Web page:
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March 1, 2019

The 7 keys to patient experience, according to Cleveland Clinic’s chief experience officer

Daily Briefing

    Speaking at the Patient Engagement and Experience Summit at HIMSS19 last month, Cleveland Clinic Chief Experience Officer Adrienne Boissy shared lessons on how to optimize patient experience. Here are seven takeaways from her talk, Jonah Comstock reports for MobiHealthNews.

    1. Patient data often misses key information: patient stories.

    While EHRs allow doctors to access critical patient data, that is not the only information that should inform a patient's treatment, according to Boissy.

    Boissy said that the "problem" with EHRs is that they are "not actually a human being who has articulated their values and their narrative in their own words," which means that the patient's story is often missing from the big picture.

    Boissy said she's envisioned a way for EHRs to feature a patient's story rather than "just regurgitat[ing] a bunch of data points." She said EHRs should include "a story place" for patients—a "part where the patient's voice shines through."

    2. Don't be afraid to innovate ahead of reimbursement

    Since there is no reimbursement pathway tied to patient engagement, it can be difficult to align hospital requirements with a "usable patient experience," Comstock writes. But Boissy said it's imperative for hospitals to make those hard investments.

    For example, she said a hospital will never achieve patient self-scheduling "if a patient has to choose between 22,000 visit types." While reducing the number of visit types might require an "enormous" amount of "operational work, Boissy said, "[W]e have to do it." She added, "The reimbursement is not keeping up with the touches we actually need to make."

    3. Listen to patients—because engagement isn't always positive for them

    According to Boissy, it's important for hospitals to understand how patients want to engage in their care because engagement practices that seem standard to providers, could prove frustrating and discouraging for patients. For example, Boissy shared an encounter she had with an MS patient who "started yelling" at Boissy over the standard survey assessment.

    Boissy said, "[W]hat she ended up saying was, 'I don't like coming to your office anymore because you ask me all the validated survey questions about MS, and then every time I see I'm getting worse. I'm not coming anymore.'" According to Boissy, Cleveland Clinic had never considered that some patients might not want to participate in the assessment. "We should have done better," she said.

    As a result, Cleveland Clinic added questions to the assessment that gauge patients' desired engagement level. "[O]n the questionnaire we added, 'What's most important to you?'" Boissy said. "That doesn't seem like a big thing, but that doesn't exist on validated surveys."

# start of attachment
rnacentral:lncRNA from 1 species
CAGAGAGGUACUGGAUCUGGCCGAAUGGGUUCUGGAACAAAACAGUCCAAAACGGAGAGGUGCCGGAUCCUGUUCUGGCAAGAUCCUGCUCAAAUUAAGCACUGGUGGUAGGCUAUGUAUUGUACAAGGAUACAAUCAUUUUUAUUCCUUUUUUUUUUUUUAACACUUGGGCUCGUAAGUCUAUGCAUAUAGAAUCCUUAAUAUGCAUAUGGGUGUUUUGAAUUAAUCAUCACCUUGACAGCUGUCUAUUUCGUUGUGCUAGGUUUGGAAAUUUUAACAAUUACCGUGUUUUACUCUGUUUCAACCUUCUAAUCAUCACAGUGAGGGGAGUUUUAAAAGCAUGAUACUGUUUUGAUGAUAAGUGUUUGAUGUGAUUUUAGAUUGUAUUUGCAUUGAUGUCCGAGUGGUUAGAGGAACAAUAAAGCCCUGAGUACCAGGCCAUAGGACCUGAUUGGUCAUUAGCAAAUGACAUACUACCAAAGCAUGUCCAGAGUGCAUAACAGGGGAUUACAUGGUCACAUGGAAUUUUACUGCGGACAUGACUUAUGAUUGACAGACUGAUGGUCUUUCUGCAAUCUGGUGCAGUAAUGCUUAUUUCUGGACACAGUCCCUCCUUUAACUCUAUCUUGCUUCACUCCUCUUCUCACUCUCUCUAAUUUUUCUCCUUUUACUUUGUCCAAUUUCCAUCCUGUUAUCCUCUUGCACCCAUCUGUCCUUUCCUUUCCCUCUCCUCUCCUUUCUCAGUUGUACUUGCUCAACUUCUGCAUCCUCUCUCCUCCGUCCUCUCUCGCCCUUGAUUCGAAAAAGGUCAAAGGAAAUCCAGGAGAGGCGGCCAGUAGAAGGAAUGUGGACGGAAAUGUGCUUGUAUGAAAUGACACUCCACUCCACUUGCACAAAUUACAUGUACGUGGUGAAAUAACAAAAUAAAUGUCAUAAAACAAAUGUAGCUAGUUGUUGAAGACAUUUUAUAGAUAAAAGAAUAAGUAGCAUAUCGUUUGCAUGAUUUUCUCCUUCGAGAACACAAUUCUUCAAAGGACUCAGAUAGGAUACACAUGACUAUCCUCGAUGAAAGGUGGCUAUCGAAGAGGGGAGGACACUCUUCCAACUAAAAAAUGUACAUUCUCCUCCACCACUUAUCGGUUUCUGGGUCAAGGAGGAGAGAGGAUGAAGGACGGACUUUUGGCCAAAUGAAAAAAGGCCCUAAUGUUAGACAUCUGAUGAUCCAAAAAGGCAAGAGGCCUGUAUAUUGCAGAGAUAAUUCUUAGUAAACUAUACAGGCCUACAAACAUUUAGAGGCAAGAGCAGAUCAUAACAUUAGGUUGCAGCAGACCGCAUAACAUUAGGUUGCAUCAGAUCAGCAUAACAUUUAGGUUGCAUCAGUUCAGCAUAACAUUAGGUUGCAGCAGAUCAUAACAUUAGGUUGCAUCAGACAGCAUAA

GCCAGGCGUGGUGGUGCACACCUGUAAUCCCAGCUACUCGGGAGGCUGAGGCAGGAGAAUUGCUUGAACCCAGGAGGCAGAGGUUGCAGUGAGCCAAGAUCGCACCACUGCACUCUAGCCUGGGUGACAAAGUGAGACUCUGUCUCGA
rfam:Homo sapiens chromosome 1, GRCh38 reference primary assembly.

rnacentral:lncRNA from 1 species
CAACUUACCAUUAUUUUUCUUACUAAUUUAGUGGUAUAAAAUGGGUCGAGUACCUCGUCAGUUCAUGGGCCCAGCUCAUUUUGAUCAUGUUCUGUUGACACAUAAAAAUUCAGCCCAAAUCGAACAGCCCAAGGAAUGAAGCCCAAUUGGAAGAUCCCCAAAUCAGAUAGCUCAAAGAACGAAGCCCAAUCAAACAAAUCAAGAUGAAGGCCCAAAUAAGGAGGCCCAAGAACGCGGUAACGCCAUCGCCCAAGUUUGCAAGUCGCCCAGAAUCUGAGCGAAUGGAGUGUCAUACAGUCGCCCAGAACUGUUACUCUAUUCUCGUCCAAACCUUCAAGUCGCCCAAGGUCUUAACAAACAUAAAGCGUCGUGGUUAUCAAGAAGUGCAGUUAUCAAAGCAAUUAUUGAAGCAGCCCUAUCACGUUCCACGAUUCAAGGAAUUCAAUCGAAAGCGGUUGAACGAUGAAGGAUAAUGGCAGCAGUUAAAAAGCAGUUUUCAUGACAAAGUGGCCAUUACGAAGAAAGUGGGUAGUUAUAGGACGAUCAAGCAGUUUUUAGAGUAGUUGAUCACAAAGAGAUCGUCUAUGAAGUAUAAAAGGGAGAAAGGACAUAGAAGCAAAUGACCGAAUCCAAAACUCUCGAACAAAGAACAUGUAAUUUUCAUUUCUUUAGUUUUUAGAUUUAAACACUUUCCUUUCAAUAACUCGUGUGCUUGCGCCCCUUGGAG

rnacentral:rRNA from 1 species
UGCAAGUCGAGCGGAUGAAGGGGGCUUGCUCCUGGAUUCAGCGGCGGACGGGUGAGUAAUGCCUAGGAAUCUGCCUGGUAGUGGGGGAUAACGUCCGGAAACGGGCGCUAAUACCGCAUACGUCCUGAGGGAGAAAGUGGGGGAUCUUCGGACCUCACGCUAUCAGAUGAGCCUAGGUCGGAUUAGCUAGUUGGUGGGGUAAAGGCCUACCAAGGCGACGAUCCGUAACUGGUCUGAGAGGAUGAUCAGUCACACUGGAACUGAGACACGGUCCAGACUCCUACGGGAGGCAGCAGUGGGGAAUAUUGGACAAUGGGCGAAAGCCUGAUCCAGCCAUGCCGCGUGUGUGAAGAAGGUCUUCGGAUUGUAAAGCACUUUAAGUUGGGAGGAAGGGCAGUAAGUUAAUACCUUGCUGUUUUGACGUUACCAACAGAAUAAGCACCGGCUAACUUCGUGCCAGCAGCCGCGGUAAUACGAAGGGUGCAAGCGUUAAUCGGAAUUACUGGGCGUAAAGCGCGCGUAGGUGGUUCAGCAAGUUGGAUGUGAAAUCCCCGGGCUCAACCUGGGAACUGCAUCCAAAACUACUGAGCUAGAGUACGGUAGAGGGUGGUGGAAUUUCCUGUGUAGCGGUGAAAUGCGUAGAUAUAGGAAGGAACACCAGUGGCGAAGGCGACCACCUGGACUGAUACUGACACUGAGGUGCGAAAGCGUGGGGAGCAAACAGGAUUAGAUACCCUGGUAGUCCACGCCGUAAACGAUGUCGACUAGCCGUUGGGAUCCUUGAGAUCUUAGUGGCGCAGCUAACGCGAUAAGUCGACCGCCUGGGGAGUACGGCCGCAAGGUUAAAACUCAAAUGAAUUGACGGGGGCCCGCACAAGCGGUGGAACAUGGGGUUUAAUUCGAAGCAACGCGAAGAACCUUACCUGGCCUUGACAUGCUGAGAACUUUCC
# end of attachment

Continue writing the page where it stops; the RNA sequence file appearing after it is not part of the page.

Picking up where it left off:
4. Downloads do not equal engagement

    A common misconception among providers is that patient activity on "patient portals" is equivalent to "patient engagement," Boissy notes.  

    "[W]hen we did our engagement pilots some time ago, all I saw was 'number of times downloaded, number of times patient logged in.'" Boissy said. "If patient engagement is behaviors that a patient demonstrates to take maximal advantage of tools available to them to manage their health, then downloads and logins are useless pieces of information," she added.

    5. Engagement is about the individual

    While population health and data analytics are important, patients should be engaged as individuals, rather than as part of a larger population, according to Boissy.

    "I'd like to avoid … labels," Boissy said. "Let's not have a platform that we're going to use for" this population and for that population, she explained. "Let's have a platform for human beings that is sensitive to the needs of each one," she added.

    6. Engagement is a 'two-way street'

    In order to reap the benefits of patient engagement, providers should be equally engaged in the patient-provider relationship, according to Boissy. "If we have a bunch of highly engaged patients and a bunch of walking dead clinicians, that is not the vision," she said.

    To ensure engagement on both sides, Boissy said the patient-provider relationship should be at the center of every tool, strategy, and platform hospitals employ for patient engagement. "[T]he drivers of exceptional experiences are the moments with the doctors and the nurses," Boissy said. "So how we're training, how we're teeing up, how we're using technology to extend and support that relationship is how we should be placing our bets."

    7. Empathy is key

    Boissy explained that empathy is one of the most critical aspects of the patient-provider relationship, and that hospitals and clinicians should view empathy as more than simply listening to and respecting patients.

    "In the patient's eyes, the most important thing is, 'Did you care about me as a human being?'" Boissy said. "When that gets on all the surveys we'll be in business," she said (Comstock, MobiHealth News, 2/13).

    Learn more: 5 resources to deliver a better patient experience

  • Infographic | 5 myths physicians believe about patient experience
  • Report | The executive's guide to boosting the patient experience
  • Toolkit | Patient Experience 101
  • Customizable Card | How Baylor eased anxiety in the waiting room
  • Infographic | What your patients expect from their care—from millennials to the silent generation
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